The culprit may be a chemical released when foods commonly found in U.S. diets are heated.
They're called advanced glycation end products (AGEs), which are proteins or lipids that when put in the presence of sugars, go through a process called glycation that makes cells stiffer and age faster. This can lead to chronic inflammation, and AGEs have previously been linked to diabetes and plaque buildup in arteries, otherwise known as atherosclerosis.
AGEs exist in small amounts normally in the body, but they are often consumed through food. They are especially abundant in meat and dairy products, and can increase when the food is cooked in high temperatures like when beef is grilled or fried.
For the study, mice were given a variety of different diets. Researchers saw that mice that ate more AGEs were more likely to have buildups of beta-amyloid protein plaques in the brain, a telltale sign of Alzheimer's disease. These mice were also observed having memory and motion issues, which were not present in mice that were not eating foods high in AGEs.
The researchers then took a group of 93 adults aged 60 and older, and gave them blood tests and asked them to complete a questionnaire that doctors use to test for dementia.
The researchers saw that people who had higher levels of AGEs in their blood had more problems with their cognitive functioning over the next nine months. They also had more problems with insulin resistance, which is one of the hallmarks of diabetes.
"The findings are very promising, but the question that needs to be answered is whether cutting down on glycotoxins can prevent or reverse dementia," study author Dr. Helen Vlassara, a professor of geriatrics and palliative medicine and experimental diabetes and aging at the Icahn School of Medicine at Mount Sinai in New York, told the Guardian.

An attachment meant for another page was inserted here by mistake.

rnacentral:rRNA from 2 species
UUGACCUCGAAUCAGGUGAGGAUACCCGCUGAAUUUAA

She suggested in the meantime, instead of toasting bread or frying eggs for breakfast, people could eat plain bread or boil or poach their eggs.
"With meat, we recommend stewing and boiling, making sauces instead of exposing meat to very high dry heat," she added.
Derek Hill, a professor of medical imaging sciences at University College London, told the BBC that the results were interesting.
"Because cures for Alzheimer's disease remain a distant hope, efforts to prevent it are extremely important, but this study should be seen as encouraging further work, rather than as providing definitive answers," Hill said. "But it is grounds for optimism -- this paper adds to the body of evidence suggesting that using preventative strategies might reduce the prevalence of Alzheimer's disease and other dementias in society and that could have very positive impact on us all."
Other experts said the mice findings showed that AGEs were harmful, but more studies needed to be done on humans before making the same claims.
"We need larger, well-controlled studies to identify a strict correlation between dietary AGEs and cognitive (mental) decline," Dr. Jeremy Koppel, a geriatric psychiatrist and scientist at the Feinstein Institute for Medical Research in Manhasset, N.Y., told HealthDay.
Koppel said that other factors like education and overall health had to be accounted for before extending the study findings. The researchers should also use more specific methods to test for mental prowess, instead of having subjects answer a questionare.
The research was published in PNAS on Feb. 24.
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